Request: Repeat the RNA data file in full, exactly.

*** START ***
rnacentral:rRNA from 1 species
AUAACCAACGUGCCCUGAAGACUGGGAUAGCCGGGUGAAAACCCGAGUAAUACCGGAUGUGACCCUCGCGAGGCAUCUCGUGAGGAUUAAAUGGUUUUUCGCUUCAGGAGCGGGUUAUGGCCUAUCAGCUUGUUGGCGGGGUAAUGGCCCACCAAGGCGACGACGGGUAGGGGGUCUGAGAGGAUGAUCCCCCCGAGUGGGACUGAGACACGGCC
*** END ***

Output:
rnacentral:rRNA from 1 species
AUAACCAACGUGCCCUGAAGACUGGGAUAGCCGGGUGAAAACCCGAGUAAUACCGGAUGUGACCCUCGCGAGGCAUCUCGUGAGGAUUAAAUGGUUUUUCGCUUCAGGAGCGGGUUAUGGCCUAUCAGCUUGUUGGCGGGGUAAUGGCCCACCAAGGCGACGACGGGUAGGGGGUCUGAGAGGAUGAUCCCCCCGAGUGGGACUGAGACACGGCC